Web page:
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Proceedings Paper

New method for estimating greenhouse gas emissions from livestock buildings using open-path FTIR spectroscopy
Author(s): Susana Briz; José Barrancos; Dácil Nolasco; Gladys Melián; Eleazar Padrón; Nemesio Pérez
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Paper Abstract

It is widely known that methane, together with carbon dioxide, is one of the most effective greenhouse gases contributing to climate global change. According to EMEP/CORINAIR Emission Inventory Guidebook1, around 25% of global CH4 emissions originate from animal husbandry, especially from enteric fermentation. However, uncertainties in the CH4 emission factors provided by EMEP/CORINAIR are around 30%. For this reason, works addressed to calculate emissions experimentally are so important to improve the estimations of emissions due to livestock and to calculate emission factors not included in this inventory. FTIR spectroscopy has been frequently used in different methodologies to measure emission rates in many environmental problems. Some of these methods are based on dispersion modelling techniques, wind data, micrometeorological measurements or the release of a tracer gas. In this work, a new method for calculating emission rates from livestock buildings applying Open-Path FTIR spectroscopy is proposed. This method is inspired by the accumulation chamber method used for CO2 flux measurements in volcanic areas or CH4 flux in wetlands and aquatic ecosystems. The process is the following: livestock is outside the building, which is ventilated in order to reduce concentrations to ambient level. Once the livestock has been put inside, the building is completely closed and the concentrations of gases emitted by livestock begin to increase. The Open-Path system measures the concentration evolution of gases such as CO2, CH4, NH3 and H2O. The slope of the concentration evolution function, dC/dt, at initial time is directly proportional to the flux of the corresponding gas. This method has been applied in a cow shed in the surroundings of La Laguna, Tenerife Island (Spain). As expected, evolutions of gas concentrations reveal that the livestock building behaves like an accumulation chamber. Preliminary results show that the CH4 emission factor is lower than the proposed by the Emission Inventory.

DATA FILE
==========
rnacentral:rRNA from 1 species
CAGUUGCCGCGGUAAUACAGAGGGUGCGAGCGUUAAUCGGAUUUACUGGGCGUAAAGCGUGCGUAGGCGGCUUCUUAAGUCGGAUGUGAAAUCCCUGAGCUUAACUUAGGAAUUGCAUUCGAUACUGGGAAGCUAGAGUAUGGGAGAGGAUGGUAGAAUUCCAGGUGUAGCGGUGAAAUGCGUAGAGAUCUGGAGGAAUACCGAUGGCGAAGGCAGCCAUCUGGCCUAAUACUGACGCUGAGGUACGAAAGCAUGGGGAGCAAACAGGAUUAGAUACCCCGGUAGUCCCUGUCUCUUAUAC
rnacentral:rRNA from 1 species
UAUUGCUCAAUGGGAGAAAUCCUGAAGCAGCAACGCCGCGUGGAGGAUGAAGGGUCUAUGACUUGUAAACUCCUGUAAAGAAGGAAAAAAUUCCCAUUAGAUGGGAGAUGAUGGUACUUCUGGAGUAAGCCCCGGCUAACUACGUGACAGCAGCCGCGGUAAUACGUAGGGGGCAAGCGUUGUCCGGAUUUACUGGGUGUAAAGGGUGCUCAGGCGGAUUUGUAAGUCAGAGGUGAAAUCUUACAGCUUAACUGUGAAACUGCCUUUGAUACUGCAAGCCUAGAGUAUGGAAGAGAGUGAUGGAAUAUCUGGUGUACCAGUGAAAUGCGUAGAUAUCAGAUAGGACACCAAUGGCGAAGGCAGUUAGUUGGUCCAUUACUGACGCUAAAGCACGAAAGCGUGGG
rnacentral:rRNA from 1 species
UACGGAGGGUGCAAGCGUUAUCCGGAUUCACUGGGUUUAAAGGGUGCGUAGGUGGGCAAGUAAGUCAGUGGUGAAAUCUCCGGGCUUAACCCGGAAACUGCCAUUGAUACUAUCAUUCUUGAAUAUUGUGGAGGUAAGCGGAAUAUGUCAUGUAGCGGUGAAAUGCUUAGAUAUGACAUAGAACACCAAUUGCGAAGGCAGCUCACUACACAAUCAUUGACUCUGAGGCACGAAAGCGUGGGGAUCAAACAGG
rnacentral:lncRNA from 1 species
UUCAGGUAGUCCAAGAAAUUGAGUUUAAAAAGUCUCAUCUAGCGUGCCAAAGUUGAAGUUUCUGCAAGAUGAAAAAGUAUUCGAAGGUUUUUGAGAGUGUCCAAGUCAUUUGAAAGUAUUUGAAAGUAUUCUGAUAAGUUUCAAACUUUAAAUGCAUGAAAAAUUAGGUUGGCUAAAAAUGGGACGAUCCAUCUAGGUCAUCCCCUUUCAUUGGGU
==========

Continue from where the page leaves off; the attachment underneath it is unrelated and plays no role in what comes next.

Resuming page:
Paper Details

Date Published: 24 September 2009
PDF: 9 pages
Proc. SPIE 7475, Remote Sensing of Clouds and the Atmosphere XIV, 747510 (24 September 2009); doi: 10.1117/12.830471
Show Author Affiliations
Susana Briz, Univ. Carlos III de Madrid (Spain)
José Barrancos, Instituto Tecnológico y de Energías Renovables S.A. (Spain)
Dácil Nolasco, Instituto Tecnológico y de Energías Renovables S.A. (Spain)
Gladys Melián, Instituto Tecnológico y de Energías Renovables S.A. (Spain)
Eleazar Padrón, Instituto Tecnológico y de Energías Renovables S.A. (Spain)
Nemesio Pérez, Instituto Tecnológico y de Energías Renovables S.A. (Spain)

Published in SPIE Proceedings Vol. 7475:
Remote Sensing of Clouds and the Atmosphere XIV
Richard H. Picard; Klaus Schäfer; Adolfo Comeron; Evgueni I. Kassianov; Christopher J. Mertens, Editor(s)

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